Monthly Archives: May 2013

Bioshock Infinite

I have been having a very hard time reacting to Bioshock Infinite. As a story, it was beautiful and compelling and I spent every moment from beginning to end wanting to know more. As a game, it was, well, rather a lot like Bioshock, with a few interesting differences. And a few unfortunate ones, it must be noted. The inability to have a save game and instead only be allowed to wait for when the game decides to save for you is… mostly not so bad, but when it was bad (I’d like to go to sleep now, not in 15 minutes; I’d like to be able to restore and do this fight a different way), it was pretty terrible. Still, as flaws go, they had a good reason for it and it was nowhere near a showstopper.

Unfortunately, I got about two lines into the next paragraph before I realized that I have to play this one too close to the vest to be worth a whole lot. But I can give you the premise in broad strokes, I suppose: Booker Dewitt, down and out private detective, has been sent to Columbia, a city in the sky, with one haunting directive: “Bring us the girl and wipe away the debt.” Well, okay, there are one or two more directives, but they wouldn’t mean anything much to you until you were playing anyway. I would quickly add that he discovers nothing is as it seems, but let’s be honest, he just magically appeared in a floating city in the clouds in 1912, I think you probably already knew that part. I think he probably already knew that part already! Okay, the rest is behind the cut. Continue reading

Iron Man 3

MV5BMTkzMjEzMjY1M15BMl5BanBnXkFtZTcwNTMxOTYyOQ@@._V1__SX1217_SY887_Well, it’s summer.

What’s the point, you ask, of seeing a summer blockbuster on opening weekend and yet not reviewing it much sooner than Monday morning? I have two answers. One, I do this for me also, you realize. Two, though, is because public reviewers are completely untrustworthy. Case in point, the Fresh Air review of this movie? I can’t say for certain whether my head would have been spinning with possibilities if I had heard it before I saw the movie, but at least one point raised in that review[1] not only definitively was a spoiler right after the reviewer promised not to spoil anything, but was a spoiler that I predicted he would drop, and in exactly the way he did it. For shame, David Edelstein!

But enough about him, and more about the movie. I cannot say exactly what was wrong with Iron Man 2. It wasn’t bad, by any means, but, as I said before, there was something just slightly not quite there to it. So, the good news is, Iron Man 3 was entirely there. The army of flunky villains was suitable comicky and menacing, Pepper Potts got some solid moments not being a damsel in distress, Kingsley’s take on the Mandarin was superb[2], and for possibly the first time in movie history, the plucky young sidekick trope worked.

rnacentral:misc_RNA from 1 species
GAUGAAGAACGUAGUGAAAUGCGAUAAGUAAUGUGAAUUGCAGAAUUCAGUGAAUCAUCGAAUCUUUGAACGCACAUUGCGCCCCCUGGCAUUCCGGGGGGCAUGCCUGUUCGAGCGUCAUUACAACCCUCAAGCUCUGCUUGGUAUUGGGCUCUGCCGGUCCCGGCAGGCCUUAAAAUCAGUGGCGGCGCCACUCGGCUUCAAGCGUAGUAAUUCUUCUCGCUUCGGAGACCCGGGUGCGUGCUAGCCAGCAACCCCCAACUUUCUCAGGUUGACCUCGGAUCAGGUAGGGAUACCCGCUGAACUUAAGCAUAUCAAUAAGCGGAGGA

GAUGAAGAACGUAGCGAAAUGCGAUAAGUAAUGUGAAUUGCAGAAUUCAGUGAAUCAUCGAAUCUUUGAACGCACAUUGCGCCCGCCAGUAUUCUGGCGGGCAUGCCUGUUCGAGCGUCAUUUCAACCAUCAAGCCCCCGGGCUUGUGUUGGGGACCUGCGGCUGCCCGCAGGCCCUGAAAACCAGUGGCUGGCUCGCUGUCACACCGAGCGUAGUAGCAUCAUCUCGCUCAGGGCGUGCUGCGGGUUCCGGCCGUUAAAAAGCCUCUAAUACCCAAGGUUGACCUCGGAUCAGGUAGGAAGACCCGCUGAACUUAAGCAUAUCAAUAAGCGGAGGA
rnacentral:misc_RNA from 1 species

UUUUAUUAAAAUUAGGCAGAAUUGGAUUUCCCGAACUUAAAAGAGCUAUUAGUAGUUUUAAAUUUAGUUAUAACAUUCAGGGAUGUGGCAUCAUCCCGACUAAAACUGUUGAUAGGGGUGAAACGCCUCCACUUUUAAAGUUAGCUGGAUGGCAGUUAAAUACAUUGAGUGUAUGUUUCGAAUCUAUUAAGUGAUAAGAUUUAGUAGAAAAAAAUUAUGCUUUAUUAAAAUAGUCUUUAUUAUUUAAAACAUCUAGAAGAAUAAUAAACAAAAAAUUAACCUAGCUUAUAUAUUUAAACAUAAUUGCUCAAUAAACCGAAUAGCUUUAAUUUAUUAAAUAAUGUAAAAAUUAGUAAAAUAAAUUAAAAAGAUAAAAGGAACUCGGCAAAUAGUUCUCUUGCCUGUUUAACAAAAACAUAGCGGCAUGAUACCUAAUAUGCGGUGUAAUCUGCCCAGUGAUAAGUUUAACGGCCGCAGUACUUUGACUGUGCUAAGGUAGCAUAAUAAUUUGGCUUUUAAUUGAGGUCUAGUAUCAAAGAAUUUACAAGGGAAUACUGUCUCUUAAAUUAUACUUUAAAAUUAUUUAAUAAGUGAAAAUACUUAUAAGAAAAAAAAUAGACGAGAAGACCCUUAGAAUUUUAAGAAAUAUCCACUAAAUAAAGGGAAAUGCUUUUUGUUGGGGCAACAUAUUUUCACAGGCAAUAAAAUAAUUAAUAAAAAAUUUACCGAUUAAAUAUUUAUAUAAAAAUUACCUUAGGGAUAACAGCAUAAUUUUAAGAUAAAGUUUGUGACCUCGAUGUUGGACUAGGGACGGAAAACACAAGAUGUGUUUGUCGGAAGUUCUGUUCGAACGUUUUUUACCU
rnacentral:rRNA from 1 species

But, as always, Robert Downey, Jr. was why you paid the price of admission. In a way, this is true of all Marvel comics. (That sounds like a grinding gearshift, but bear with me, it’s not.) Stan Lee and Steve Ditko and Jack Kirby came up with a lot of really cool characters, and it is awesome to watch them swing around and fire their lasers and smash things and do whatever else they can do, but the reason they’re so very good is because Tony Stark and Peter Parker and Bruce Banner are really interesting people with really compelling problems, and the very best issues are the ones where the characters spend as much time in their primary identities as possible.

Hmmm. I wonder what’s out next week.

[1] Obviously I’m not going to give enough information about what he spoiled to spoil it my own self, but trust me, it was relevant information.
[2] I have incorrectly indicated a few times on the internet for sure and probably elsewhere that Marvel’s original Mandarin was not Chinese. I’m wrong, he was half-Chinese and half-British. Do with that information what you will.

The Boys: Get Some

Lastly, I read the second book in The Boys series. Considering that I’ve also finally started reading old Marvel comics again (April, 1978 presently), three graphic novels between every book may very well be too many comics in a row. ‘Cause, I mean, jeeze. I was actually getting tired of the whole shebang last night, and I don’t think it was because I disliked Get Some.

For one thing, Ennis seems to have listened (through time!) to my complaints about the presentation of homophobia in the prior volume. The book is still 100% definitely written (as the name perhaps implies) for teenage boys smoking behind the dumpster[1], but at least the joint got classed up a bit. The downside is that this series feels really episodic, at least right now. Yes, there’s no question that an arc exists, and in the style of Joss Whedon where every episode has some callback to either the ongoing plot arc or ongoing character arcs rather than the Chris Carter style where three times a year the Smoking Man shows up in the credits and you can multitask through every other episode. And I was okay with both episodes presented in this book (although the Batman / Nightwing knock-off was pretty trite overall), but after how excited I was to see multiple sides of the “superheroes are all destructive, narcissistic douchebags who need to be controlled, or better yet, killed” argument that was set up last time, having the relevant characters only show up a couple of times on the far end of a phone definitely knocked the wind out of my sails.

Contrariwise, that was the pilot, and these are the early days. Preacher taught me that Garth Ennis can plot big, so he gets a pass for now. (Plus, despite having never smoked behind a dumpster, I am secretly still 13 some of the time.)

[1] Or more likely for the significantly older males in arrested development[2] that said teenage boys eventually become, considering the age warnings that must surely exist on anything Ennis has ever written
[2] This month!